"Needs must when the devil drives," Ham remarked, shrugging indifferently. "A man will do what he 'as to in order to make a livin' Ed."

Elizabeth stared once more at the long, jagged scar. She felt a chill run down her spine.

"Anyway, lad, I didn' seek ye out for a round o' storytellin'," Ham said, breaking her train of thought.

Elizabeth looked abashed to be caught staring again. She muttered an apology but was cut off by Ham.

"I didn' come to chide ye for starin' neither," he hastened to explain. "Sparrow wants ye."

Elizabeth frowned, wondering what Jack could possibly want. Nevertheless she nodded and started for the captain's cabin, which was where Jack had decided his navigational headquarters would be located (much to the chagrin of the Dawn's actual captain).

"Ah, Elizabeth!" Jack greeted her boisterously when she set foot in the cabin.

Elizabeth's eyes flew wide open and she quickly slammed the door shut behind her. Jack seemed confused at her reaction when spun around to pin him with a warning look.

"Did you want to alert the entire crew as to my true name?" she asked pointedly.

Jack cringed and managed to look apologetic.

"Sorry, luv," he said quickly. Then he paused and gave her a searching look. "Why is it tha' you need to maintain this disguise again? I mean, wha' with Ana bein' captain an' all, I figure you'd be 'appy to dispense with the pirate act and go back to playin' a proper lady."

Elizabeth rolled her eyes and laughed lightly.

"I think you know better than most, Jack, that I'm more pirate than damsel these days," she said wryly.

Jack grinned back. It was the first true smile the two had shared since their reunion in Tortuga, and Elizabeth was surprised to realize that it actually felt quite nice. Comfortable. Normal.

"Aye, truer words were never spoken," Jack replied.

"Why did you call for me?" she asked, snapping out of the pleasantness of the moment.

He gestured for her to come around the table at which he was standing. When she did she saw a map spread out on its surface. Jack was apparently tracking the ship's course on it, judging from the series of Xs trailing northwest from a dot on the map labeled 'Tortuga.'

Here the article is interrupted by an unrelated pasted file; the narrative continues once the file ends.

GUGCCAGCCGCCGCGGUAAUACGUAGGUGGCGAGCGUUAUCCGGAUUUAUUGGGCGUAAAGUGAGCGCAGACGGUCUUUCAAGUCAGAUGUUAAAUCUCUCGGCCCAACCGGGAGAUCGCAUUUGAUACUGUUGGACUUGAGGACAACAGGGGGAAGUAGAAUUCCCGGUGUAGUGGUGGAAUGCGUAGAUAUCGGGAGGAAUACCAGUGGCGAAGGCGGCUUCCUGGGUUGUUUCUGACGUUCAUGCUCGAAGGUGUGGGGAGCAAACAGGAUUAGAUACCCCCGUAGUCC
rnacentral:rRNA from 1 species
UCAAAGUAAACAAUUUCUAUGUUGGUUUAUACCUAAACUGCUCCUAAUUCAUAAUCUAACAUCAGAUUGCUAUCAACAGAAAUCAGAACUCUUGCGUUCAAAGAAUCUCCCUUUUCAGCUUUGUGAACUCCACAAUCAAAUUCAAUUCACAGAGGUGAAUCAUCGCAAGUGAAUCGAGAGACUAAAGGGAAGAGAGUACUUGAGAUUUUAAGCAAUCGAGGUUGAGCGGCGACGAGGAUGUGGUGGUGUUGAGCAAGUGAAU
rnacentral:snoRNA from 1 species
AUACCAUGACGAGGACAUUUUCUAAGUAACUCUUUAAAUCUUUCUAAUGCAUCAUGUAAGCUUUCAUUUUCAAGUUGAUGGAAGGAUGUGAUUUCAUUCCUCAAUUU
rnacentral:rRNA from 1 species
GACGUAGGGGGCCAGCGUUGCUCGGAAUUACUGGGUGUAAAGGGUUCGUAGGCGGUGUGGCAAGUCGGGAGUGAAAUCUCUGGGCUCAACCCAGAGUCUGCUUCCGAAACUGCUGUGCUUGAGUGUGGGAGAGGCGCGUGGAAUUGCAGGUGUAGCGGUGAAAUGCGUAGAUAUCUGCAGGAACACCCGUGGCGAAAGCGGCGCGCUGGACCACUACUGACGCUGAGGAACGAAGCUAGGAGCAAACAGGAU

"Is this where we are?" she questioned, pointing to the last X inked on the map.

"That's where Anamaria thinks we are. We are actually here," Jack said, planting an ink-spattered finger an inch north of the mark.

Elizabeth looked up at Jack from under a furrowed brow.

"You're lying to the ship's captain about our location?" she asked flatly.

Jack spread his arms wide as if he was awaiting some sort of congratulations.

"That's right, luv. Ol' Cap'n Jack 'as 'ad a plan all along," he said proudly.

Elizabeth sighed.

"I'm afraid to ask, but what exactly does your plan entail?"

"So glad you asked, Lizzie dear!" Jack exclaimed.

He shifted closer next to her and threw an arm around her shoulders. Elizabeth resisted shrugging him off and resigned herself to letting Jack explain his alleged genius.

"Anamaria wants to 'ead to Havana. We want to intercept the Pearl," Jack explained as if this was news to Elizabeth.

"Yes, and how exactly are we going to drift far enough north to reach the Pearl without the captain or crew noticing?" Elizabeth asked skeptically.

"We're miles off course now an' no one's noticed," Jack reminded her.

Elizabeth gave him a disbelieving smile.

"Yes, but when land appears to our north rather than our south, I think it might tip a few people off that we've hit Florida instead of Cuba," she informed him.

Jack gave her a grin that suggested that Elizabeth was woefully misinformed and that he was about to take great pleasure in enlightening her.

"Who said anything about Florida, luv?" he asked.

Elizabeth pulled away, confused, and Jack let his arm drop from her shoulders.

"That's where the Fountain of Youth is," she said, waiting for him to contradict her.

"Yes, but who said the Pearl 'as reached it yet?" Jack asked.

He looked very smug. This annoyed Elizabeth greatly.

"How long ago did Barbossa maroon you in Tortuga?" she asked directly.

The smug look was quickly replaced by a pained wince and then a deep frown. Straightening up, Jack made his reply.

"Barbossa, the rotting pile of putrescent feces, robbed me of my ship a little over three weeks ago."

Ignoring his elaborate language, Elizabeth cut to the chase.

"Jack, it takes four days in good weather, a week in bad, to reach Florida from Tortuga. Why wouldn't Barbossa be there already?"

"Barbossa, steaming lump of odious excrement, would've wanted to take a grand tour of the Caribbean before settin' 'is sights on a treasure so great as the Fountain of Youth," Jack declared.

He stopped and leaned toward her as if he was about to impart a deep secret.

"In case you 'aven't noticed, he doesn't 'ave the best record when it comes to successfully huntin' down treasure," he said.

Elizabeth resisted the urge to point out that Jack's record was not much better. Before the whole mess with Davy Jones, he'd managed to get his crew nearly killed in a hurricane and failed to deliver so much as a hint of gold.

"As such," Jack continued, oblivious to Elizabeth's inner thoughts. "He'd want to ensure that 'is men's pockets were lined with plenty o' gold and plunder before attemptin' such a large undertakin'—just in case it's a failure."

It was a sound plan; Elizabeth had to admit that. Jack went on.

"Barbossa's many things; a vile rat, a villainous thief, a backstabbing wretch, a—"

"Jack," Elizabeth interrupted.